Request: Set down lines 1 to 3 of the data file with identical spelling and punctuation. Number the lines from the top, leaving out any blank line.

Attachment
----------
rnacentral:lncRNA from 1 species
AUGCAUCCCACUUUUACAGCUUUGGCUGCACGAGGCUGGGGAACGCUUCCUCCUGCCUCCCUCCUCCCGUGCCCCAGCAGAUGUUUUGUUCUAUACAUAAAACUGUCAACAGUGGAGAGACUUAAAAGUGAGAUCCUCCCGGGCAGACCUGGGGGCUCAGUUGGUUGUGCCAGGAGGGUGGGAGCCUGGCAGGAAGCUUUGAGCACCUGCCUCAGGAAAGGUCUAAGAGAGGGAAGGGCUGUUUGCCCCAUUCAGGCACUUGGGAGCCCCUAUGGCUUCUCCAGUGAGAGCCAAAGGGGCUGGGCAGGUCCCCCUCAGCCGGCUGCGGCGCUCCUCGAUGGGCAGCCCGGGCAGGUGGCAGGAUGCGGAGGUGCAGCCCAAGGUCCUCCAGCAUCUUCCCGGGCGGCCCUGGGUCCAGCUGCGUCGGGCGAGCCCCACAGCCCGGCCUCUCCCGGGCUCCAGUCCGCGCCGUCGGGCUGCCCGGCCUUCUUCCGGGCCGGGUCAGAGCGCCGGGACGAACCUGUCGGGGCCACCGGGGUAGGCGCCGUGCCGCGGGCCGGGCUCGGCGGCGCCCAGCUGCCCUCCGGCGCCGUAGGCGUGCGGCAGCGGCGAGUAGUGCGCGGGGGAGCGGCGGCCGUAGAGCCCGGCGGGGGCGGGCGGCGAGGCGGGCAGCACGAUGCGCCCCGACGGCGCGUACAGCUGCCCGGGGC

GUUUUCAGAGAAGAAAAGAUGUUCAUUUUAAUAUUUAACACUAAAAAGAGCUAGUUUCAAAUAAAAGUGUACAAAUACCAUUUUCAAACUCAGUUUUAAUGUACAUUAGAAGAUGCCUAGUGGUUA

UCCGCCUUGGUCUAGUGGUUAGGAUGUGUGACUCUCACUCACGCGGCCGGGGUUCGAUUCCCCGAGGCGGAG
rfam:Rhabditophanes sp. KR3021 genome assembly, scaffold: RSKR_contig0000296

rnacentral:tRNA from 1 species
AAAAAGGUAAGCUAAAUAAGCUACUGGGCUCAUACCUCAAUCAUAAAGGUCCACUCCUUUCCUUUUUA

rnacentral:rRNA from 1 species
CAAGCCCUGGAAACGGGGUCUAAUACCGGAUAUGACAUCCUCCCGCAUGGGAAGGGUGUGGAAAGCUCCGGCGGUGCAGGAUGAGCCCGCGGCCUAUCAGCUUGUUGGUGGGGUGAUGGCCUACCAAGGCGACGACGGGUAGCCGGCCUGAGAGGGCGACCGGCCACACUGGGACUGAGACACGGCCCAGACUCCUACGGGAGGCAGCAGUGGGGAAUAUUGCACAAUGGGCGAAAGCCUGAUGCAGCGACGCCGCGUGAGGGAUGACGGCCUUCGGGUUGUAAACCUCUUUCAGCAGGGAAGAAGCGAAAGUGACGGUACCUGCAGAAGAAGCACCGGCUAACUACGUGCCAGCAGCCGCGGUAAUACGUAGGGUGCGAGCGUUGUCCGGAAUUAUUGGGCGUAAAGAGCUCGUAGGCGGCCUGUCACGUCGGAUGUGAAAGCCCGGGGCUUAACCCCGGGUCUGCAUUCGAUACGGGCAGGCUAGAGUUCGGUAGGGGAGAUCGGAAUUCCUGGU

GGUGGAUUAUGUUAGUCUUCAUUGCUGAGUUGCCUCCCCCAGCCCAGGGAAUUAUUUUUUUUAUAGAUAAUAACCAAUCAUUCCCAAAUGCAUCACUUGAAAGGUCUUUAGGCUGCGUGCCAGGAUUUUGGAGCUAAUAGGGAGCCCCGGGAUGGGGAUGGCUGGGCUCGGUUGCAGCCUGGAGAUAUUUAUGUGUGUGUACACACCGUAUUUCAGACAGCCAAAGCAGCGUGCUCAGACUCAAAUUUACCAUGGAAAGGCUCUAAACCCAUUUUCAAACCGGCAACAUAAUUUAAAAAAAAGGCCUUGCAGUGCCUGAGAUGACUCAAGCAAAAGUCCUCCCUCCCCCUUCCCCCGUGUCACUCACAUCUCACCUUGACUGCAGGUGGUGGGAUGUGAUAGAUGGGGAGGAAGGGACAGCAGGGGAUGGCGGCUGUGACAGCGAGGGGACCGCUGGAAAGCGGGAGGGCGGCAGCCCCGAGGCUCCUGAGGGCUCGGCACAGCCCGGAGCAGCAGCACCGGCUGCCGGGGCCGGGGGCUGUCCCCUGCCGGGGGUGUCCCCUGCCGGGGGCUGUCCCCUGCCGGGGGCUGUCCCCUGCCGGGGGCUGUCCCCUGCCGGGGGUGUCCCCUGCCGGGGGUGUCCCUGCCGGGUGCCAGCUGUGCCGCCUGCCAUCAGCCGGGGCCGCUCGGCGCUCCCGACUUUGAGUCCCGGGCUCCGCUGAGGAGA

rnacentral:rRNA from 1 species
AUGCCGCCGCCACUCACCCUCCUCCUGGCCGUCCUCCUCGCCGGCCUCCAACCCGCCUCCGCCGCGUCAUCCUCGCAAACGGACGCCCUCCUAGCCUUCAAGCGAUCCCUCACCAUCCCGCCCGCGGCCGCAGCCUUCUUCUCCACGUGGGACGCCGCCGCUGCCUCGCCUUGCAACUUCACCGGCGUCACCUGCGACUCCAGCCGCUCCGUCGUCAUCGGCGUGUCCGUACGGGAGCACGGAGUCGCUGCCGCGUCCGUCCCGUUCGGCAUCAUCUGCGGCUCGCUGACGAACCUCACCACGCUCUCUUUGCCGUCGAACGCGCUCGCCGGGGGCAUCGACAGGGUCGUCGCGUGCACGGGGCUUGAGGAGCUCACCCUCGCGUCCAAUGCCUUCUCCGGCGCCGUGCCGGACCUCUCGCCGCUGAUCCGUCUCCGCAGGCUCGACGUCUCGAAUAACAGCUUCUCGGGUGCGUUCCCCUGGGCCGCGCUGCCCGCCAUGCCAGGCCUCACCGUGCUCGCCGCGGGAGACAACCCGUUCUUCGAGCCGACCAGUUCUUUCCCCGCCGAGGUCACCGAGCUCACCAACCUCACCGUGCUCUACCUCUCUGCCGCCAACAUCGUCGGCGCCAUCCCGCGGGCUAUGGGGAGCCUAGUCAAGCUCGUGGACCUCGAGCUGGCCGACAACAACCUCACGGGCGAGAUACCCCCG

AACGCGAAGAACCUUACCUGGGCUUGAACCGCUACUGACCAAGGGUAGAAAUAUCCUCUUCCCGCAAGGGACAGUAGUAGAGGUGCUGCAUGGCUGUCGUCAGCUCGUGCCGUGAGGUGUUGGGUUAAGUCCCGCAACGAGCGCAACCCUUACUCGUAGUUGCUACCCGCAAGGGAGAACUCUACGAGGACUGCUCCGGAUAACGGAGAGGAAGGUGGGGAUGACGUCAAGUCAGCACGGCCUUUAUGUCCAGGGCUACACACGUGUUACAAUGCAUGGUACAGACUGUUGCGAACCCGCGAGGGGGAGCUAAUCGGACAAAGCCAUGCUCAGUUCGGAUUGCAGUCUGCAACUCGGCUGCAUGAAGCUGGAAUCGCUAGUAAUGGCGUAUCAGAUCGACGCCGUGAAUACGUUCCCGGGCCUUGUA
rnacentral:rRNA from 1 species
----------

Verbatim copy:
rnacentral:lncRNA from 1 species
AUGCAUCCCACUUUUACAGCUUUGGCUGCACGAGGCUGGGGAACGCUUCCUCCUGCCUCCCUCCUCCCGUGCCCCAGCAGAUGUUUUGUUCUAUACAUAAAACUGUCAACAGUGGAGAGACUUAAAAGUGAGAUCCUCCCGGGCAGACCUGGGGGCUCAGUUGGUUGUGCCAGGAGGGUGGGAGCCUGGCAGGAAGCUUUGAGCACCUGCCUCAGGAAAGGUCUAAGAGAGGGAAGGGCUGUUUGCCCCAUUCAGGCACUUGGGAGCCCCUAUGGCUUCUCCAGUGAGAGCCAAAGGGGCUGGGCAGGUCCCCCUCAGCCGGCUGCGGCGCUCCUCGAUGGGCAGCCCGGGCAGGUGGCAGGAUGCGGAGGUGCAGCCCAAGGUCCUCCAGCAUCUUCCCGGGCGGCCCUGGGUCCAGCUGCGUCGGGCGAGCCCCACAGCCCGGCCUCUCCCGGGCUCCAGUCCGCGCCGUCGGGCUGCCCGGCCUUCUUCCGGGCCGGGUCAGAGCGCCGGGACGAACCUGUCGGGGCCACCGGGGUAGGCGCCGUGCCGCGGGCCGGGCUCGGCGGCGCCCAGCUGCCCUCCGGCGCCGUAGGCGUGCGGCAGCGGCGAGUAGUGCGCGGGGGAGCGGCGGCCGUAGAGCCCGGCGGGGGCGGGCGGCGAGGCGGGCAGCACGAUGCGCCCCGACGGCGCGUACAGCUGCCCGGGGC

GUUUUCAGAGAAGAAAAGAUGUUCAUUUUAAUAUUUAACACUAAAAAGAGCUAGUUUCAAAUAAAAGUGUACAAAUACCAUUUUCAAACUCAGUUUUAAUGUACAUUAGAAGAUGCCUAGUGGUUA